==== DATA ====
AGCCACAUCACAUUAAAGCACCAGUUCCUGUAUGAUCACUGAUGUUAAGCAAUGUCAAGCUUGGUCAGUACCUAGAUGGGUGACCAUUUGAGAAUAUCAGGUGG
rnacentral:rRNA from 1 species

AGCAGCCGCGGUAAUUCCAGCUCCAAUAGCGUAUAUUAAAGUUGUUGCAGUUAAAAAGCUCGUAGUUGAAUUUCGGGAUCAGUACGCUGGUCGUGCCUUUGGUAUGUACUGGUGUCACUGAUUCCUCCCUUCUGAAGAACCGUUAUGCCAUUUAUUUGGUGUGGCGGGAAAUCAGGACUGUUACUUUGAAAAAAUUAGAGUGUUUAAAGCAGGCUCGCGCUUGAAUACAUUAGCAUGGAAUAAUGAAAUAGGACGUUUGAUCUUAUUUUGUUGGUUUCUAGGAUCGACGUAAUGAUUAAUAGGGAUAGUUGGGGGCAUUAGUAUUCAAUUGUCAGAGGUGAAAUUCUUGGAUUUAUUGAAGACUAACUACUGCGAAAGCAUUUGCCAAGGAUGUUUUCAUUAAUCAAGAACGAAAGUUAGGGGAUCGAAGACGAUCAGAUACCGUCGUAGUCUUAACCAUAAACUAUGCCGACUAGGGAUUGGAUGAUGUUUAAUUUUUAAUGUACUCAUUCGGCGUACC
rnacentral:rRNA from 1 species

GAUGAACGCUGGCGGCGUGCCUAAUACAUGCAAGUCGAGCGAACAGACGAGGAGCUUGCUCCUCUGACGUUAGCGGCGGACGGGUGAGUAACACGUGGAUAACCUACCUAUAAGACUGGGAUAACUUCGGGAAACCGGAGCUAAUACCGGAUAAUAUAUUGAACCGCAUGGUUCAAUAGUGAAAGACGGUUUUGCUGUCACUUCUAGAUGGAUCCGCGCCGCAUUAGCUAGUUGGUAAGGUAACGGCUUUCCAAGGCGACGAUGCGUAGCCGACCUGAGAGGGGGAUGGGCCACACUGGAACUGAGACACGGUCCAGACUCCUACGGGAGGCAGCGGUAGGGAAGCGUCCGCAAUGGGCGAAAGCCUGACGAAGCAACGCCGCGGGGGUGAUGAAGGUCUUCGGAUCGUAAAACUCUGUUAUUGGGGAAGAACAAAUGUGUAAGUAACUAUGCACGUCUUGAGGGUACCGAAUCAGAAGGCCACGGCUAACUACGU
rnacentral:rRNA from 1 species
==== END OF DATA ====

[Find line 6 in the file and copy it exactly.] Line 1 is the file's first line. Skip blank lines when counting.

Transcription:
rnacentral:rRNA from 1 species